Beyond Belief

9780822339847: Hardback
Release Date: 28th May 2007

9780822340010: Paperback
Release Date: 28th May 2007

9 illustrations

Dimensions: 156 x 241

Number of Pages: 264

Series Politics, History, and Culture

Duke University Press Books

Beyond Belief

India and the Politics of Postcolonial Nationalism

Hardback / £88.00
Paperback / £23.99

Beyond Belief is a bold rethinking of the formation and consolidation of nation-state ideologies. Analyzing India during the first two decades following its foundation as a sovereign nation-state in 1947, Srirupa Roy explores how nationalists are turned into nationals, subjects into citizens, and the colonial state into a sovereign nation-state. Roy argues that the postcolonial nation-state is consolidated not, as many have asserted, by efforts to imagine a shared cultural community, but rather by the production of a recognizable and authoritative identity for the state. This project—of making the state the entity identified as the nation’s authoritative representative—emphasizes the natural cultural diversity of the nation and upholds the state as the sole unifier or manager of the “naturally” fragmented nation; the state is unified through diversity.

Roy considers several different ways that identification with the Indian nation-state was produced and consolidated during the 1950s and 1960s. She looks at how the Films Division of India, a state-owned documentary and newsreel production agency, allowed national audiences to “see the state”; how the “unity in diversity” formation of nationhood was reinforced in commemorations of India’s annual Republic Day; and how the government produced a policy discourse claiming that scientific development was the ultimate national need and the most pressing priority for the state to address. She also analyzes the fate of the steel towns—industrial townships built to house the workers of nationalized steel plants—which were upheld as the exemplary national spaces of the new India. By prioritizing the role of actual manifestations of and encounters with the state, Roy moves beyond theories of nationalism and state formation based on collective belief.

Preface and Acknowledgments vii
Introduction. Imagining Institutions, Instituting Diversity: Toward a Theory of Nation-State Formation 1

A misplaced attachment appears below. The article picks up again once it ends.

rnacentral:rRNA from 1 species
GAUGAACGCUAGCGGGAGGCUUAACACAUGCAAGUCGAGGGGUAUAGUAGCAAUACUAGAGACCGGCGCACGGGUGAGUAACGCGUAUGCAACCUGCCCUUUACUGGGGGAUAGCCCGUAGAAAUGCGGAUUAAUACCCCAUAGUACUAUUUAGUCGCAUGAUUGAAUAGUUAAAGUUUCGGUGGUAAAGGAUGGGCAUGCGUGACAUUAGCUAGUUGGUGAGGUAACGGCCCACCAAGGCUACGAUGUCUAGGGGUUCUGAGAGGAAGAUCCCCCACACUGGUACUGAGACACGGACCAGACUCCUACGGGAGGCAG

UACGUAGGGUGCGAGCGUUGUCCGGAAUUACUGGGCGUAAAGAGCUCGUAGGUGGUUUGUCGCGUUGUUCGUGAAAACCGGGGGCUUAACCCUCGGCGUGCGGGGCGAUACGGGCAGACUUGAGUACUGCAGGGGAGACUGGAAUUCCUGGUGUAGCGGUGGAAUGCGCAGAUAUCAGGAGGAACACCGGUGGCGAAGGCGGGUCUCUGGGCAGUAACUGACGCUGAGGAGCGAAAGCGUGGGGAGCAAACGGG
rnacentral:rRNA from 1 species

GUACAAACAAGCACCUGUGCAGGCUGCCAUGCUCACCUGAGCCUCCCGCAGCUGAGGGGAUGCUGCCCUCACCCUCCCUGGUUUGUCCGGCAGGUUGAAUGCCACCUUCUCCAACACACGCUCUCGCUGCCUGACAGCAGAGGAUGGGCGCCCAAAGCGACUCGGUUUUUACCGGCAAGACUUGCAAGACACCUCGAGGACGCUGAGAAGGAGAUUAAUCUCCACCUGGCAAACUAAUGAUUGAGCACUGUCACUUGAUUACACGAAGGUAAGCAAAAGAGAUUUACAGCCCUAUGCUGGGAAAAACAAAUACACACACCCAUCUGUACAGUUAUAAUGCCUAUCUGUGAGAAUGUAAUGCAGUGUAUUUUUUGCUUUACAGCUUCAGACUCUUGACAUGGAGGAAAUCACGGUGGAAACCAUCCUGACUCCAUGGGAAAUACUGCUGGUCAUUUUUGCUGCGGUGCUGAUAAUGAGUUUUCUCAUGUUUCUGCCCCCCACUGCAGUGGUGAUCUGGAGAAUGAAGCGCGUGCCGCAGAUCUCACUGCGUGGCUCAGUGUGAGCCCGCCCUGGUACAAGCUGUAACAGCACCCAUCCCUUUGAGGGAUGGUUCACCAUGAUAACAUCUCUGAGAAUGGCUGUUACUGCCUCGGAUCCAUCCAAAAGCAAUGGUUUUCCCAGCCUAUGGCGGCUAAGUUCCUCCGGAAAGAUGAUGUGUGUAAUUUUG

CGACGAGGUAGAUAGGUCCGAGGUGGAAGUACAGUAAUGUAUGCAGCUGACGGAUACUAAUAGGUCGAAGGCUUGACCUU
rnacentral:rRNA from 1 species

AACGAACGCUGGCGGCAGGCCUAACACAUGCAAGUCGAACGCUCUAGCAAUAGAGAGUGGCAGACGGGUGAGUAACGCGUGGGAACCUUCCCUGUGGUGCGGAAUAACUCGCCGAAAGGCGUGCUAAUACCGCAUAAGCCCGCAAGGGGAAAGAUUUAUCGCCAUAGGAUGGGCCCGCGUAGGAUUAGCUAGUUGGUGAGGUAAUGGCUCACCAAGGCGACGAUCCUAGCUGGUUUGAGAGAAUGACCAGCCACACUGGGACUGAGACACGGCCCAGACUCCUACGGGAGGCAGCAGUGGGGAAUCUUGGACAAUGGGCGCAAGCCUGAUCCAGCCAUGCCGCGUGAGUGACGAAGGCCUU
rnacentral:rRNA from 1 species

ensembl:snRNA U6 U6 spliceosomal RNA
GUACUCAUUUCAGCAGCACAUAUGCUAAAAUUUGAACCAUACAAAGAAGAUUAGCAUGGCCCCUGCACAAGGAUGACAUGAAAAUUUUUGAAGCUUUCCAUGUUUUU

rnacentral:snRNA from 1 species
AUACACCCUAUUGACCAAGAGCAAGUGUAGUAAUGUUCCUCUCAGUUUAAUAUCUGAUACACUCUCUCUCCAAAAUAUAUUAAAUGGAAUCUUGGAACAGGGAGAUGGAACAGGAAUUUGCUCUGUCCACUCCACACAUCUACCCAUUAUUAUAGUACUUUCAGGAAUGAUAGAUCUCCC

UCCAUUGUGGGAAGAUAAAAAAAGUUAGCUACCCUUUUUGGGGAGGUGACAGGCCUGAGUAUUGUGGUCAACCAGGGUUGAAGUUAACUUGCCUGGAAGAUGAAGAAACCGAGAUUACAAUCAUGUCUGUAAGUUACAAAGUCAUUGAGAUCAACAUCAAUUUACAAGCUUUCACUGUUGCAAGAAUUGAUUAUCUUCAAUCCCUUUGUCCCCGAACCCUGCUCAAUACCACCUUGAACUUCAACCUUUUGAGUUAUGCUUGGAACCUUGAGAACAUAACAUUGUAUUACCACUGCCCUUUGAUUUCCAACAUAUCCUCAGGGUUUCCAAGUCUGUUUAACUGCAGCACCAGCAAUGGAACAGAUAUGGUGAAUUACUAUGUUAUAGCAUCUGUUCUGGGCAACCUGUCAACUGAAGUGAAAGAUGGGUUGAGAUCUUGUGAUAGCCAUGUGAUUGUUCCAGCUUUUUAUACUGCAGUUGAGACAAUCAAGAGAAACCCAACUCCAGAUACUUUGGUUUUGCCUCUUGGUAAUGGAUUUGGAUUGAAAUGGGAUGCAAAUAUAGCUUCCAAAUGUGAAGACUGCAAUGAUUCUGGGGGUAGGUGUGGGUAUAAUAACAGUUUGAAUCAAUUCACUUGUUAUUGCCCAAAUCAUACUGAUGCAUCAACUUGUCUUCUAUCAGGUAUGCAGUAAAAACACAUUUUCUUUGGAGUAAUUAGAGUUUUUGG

1. Moving Pictures: The Films Division of India and the Visual Practices of the Nation-State 32
2. Marching in Time: Republic Day Parades and the Ritual Practices of the Nation-State 66
3. Indian Darkness: Science, Development, and the Needs Discourse of the Nation-State 105
4. Cities of Hope: Steel Townships and the Spatial Practices of the Nation-State 133
Conclusion. After Midnight 157
Notes 171
Bibliography 219
Index 237

Srirupa Roy is Associate Professor of Political Science at the University of Massachusetts, Amherst. She is a coeditor of Violence and Democracy in India.

“Srirupa Roy offers fresh, innovative, and highly original perspectives on how the Indian nation-state set out to manufacture a national modernity and new ways of presenting itself. This is a much needed contribution to a critical assessment of the now quasi-mythical Nehruvian decades of postcolonial state formation from one of the best political scientists writing on India today.”—Thomas Blom Hansen, University of Amsterdam

“This book marks a departure in the study of Indian nationalism. Srirupa Roy’s idea that nationalism works not as a ‘belief’ but through practices that seek to ground the state deeply in the life of the people, is demonstrated here by archival and ethnographic explorations of specific sites: rituals and pageantry of the state, official newsreels and documentaries, planned scientific institutions and industrial cities. The result is fine-grained political analysis enriched at every turn by the author’s judicious use of history and ethnography.”—Dipesh Chakrabarty, author of Habitations of Modernity: Essays in the Wake of Subaltern Studies

“Srirupa Roy . . . has written an engaging and incisive study of the nation-building project in India. . . . Roy’s book is a welcome and original investigation into the origin and means of the national imagination of India.”

Simona Vittorini, Studies in Ethnicity and Nationalism

“Srirupa Roy’s Beyond Belief is a superb contribution to the study of postcolonial nationalism and the complex lives of the postcolonial Indian nation-state. . . . [T]he book is an excellent and invaluable addition to the literature on Indian nationalism and the Indian nation-state as well as an important contribution to theories of nationalism, the state, and nation-state, and postcolonial studies. Lucid and concise, the book is extremely well written. Different methodological and disciplinary perspectives are employed in the text with rigor and carefulness to enrich one another.”

Rohit Chopra, H-Nationalism, H-Net Reviews